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Feb 12, 2018 3:35 AM
(1053 views)

Hi,

I have a set of tablets in which one component determines how slowly the active is released (measured at 1, 2, 3, 4, 5 and 6hours).

If I have the results for tablets containing 10, 15, 20 and 25% of this component how can I create a model that will tell me how much of that component is needed to obtain a target profile (target release values at target timepoints)?

Thanks

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Also, you might try saving the model and creating a new response to optimize. A good choice would be the root mean square error (RMSE). A column formula could compare the predicted response with the target response using something like this

```
Sqrt(
Sum(
(P(t1,X) - T(t1))^2 +
(P(t2,X) - T(t2))^2 +
(P(t3,X) - T(t3))^2 +
(P(t4,X) - T(t4))^2 +
(P(t5,X) - T(t5))^2
)
)
```

where the P(t,X) is the fitted model of the predicted response at time t and excipient level X. T(t) is the target level at time t. You could use the Graph > Profiler with this column to optimize X (minimize response with desirability function).

Learn it once, use it forever!

7 REPLIES

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One JMP platform you may want to take a look at is the Fit Curve platform for the type of problem you are trying to address. Here is the link to the JMP online documentation for the Fit Curve platform.

https://www.jmp.com/support/help/13-2/Fit_Curve.shtml

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Feb 12, 2018 4:59 AM
(1038 views)
| Posted in reply to message from Peter_Bartell 02/12/2018 07:34 AM

I have no problems with fitting the curves. My problem is that each concentration/fit has a different slope/equation and I'd like to have a model that would tell me what concentration of the excipient is needed to obtain a given profile – that is to say I have a target fit of curve and I'd like to know how I can achieve that based on the results of the other fits.

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I guess I'm a bit confused then. For your example, are you trying to predict any one curve as a function of the slope/intercept of the other 3 curves?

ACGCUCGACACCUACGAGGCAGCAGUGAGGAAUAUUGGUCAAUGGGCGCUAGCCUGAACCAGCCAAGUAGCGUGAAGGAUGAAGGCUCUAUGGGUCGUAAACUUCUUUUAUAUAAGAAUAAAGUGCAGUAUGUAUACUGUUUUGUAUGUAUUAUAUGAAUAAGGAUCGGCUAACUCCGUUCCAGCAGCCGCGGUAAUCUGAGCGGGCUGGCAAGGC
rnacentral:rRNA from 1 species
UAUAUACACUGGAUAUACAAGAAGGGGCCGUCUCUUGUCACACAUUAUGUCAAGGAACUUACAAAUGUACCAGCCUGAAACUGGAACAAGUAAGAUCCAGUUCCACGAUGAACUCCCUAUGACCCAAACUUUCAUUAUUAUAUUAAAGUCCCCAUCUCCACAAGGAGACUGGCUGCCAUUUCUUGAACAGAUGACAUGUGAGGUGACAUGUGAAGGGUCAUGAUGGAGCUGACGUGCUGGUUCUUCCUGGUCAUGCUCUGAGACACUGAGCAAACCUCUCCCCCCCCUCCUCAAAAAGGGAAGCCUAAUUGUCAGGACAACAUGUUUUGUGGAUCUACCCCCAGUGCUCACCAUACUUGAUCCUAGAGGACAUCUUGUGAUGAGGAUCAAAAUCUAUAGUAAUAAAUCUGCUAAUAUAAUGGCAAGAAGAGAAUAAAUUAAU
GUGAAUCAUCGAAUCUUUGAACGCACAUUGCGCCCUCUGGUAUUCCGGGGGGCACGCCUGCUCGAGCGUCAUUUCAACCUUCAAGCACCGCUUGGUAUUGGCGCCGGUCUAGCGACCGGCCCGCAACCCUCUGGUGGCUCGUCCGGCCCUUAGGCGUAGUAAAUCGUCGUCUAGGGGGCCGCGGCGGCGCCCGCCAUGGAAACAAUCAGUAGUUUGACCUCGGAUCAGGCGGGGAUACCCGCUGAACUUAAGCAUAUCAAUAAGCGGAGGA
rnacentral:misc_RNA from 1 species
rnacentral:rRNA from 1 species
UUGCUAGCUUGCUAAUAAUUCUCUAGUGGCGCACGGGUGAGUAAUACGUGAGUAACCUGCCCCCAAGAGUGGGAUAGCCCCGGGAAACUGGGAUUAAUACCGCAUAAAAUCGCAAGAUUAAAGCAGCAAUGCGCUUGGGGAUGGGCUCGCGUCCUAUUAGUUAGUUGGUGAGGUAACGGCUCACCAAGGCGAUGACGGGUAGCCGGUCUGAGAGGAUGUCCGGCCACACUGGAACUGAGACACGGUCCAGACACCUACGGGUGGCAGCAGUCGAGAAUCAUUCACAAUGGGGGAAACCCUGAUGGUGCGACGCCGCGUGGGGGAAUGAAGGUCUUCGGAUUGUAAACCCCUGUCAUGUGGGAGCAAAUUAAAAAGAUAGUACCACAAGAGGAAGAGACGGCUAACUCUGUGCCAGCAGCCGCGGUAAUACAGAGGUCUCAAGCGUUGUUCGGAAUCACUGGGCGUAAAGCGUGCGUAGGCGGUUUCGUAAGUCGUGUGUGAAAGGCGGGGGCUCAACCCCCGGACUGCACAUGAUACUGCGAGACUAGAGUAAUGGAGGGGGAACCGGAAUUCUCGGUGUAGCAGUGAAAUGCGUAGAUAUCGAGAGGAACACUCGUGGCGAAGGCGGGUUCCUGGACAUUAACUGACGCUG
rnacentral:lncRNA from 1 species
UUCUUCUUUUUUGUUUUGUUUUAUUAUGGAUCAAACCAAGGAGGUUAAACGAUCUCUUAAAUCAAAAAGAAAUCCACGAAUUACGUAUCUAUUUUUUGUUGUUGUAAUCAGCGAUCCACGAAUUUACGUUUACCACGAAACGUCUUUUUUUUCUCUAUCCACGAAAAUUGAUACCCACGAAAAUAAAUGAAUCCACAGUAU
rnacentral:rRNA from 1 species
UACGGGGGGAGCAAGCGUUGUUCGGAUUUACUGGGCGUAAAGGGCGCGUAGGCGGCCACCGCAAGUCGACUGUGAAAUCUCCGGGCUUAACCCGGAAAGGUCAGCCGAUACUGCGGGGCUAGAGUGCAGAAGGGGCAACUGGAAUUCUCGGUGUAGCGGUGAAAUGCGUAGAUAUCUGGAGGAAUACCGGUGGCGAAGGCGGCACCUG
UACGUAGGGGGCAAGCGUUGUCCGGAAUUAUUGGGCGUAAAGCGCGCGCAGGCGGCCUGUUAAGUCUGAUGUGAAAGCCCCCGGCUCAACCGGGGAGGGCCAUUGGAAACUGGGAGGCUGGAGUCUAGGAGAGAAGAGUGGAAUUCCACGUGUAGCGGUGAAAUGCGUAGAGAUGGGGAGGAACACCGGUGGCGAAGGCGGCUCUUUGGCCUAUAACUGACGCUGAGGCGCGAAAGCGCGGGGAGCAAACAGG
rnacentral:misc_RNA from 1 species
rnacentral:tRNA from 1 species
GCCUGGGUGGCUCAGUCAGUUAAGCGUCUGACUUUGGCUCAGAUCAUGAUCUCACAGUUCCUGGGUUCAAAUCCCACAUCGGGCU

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You might also try using Analyze > Reliability > Degradation. Use the excipient level as X. You can try transforms on Y and X with a linear path or use a nonlinear path.

Learn it once, use it forever!

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I probably do not fully understand how the degradation model works but...

When I have a target profile it means that I have target values for the various timepoints (e.g. timepoint 100: 10%, 200: 15%, 400: 45%, etc.) so not just one point. And I would need a model that would tell me what concnetration of X would give me a closest match.

My best shot so far was to create a single factor DOE where I set the timepoints as the responses and simply overwrote the parameters in the provided table with the parameters and results of my experiments and used the profilers.

But there must be a better way to do that, I guess.

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Please don't be put off by the terminology. The 'degradation path' in the Degradation platform is just a model of the change in the response (dissolution) over time under the influence of a factor (excipient level). You can then profile the response under different conditions to find the target profile. You can use inverse prediction to find the condition that achieves a desired response level, too.

Learn it once, use it forever!

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Also, you might try saving the model and creating a new response to optimize. A good choice would be the root mean square error (RMSE). A column formula could compare the predicted response with the target response using something like this

```
Sqrt(
Sum(
(P(t1,X) - T(t1))^2 +
(P(t2,X) - T(t2))^2 +
(P(t3,X) - T(t3))^2 +
(P(t4,X) - T(t4))^2 +
(P(t5,X) - T(t5))^2
)
)
```

where the P(t,X) is the fitted model of the predicted response at time t and excipient level X. T(t) is the target level at time t. You could use the Graph > Profiler with this column to optimize X (minimize response with desirability function).

Learn it once, use it forever!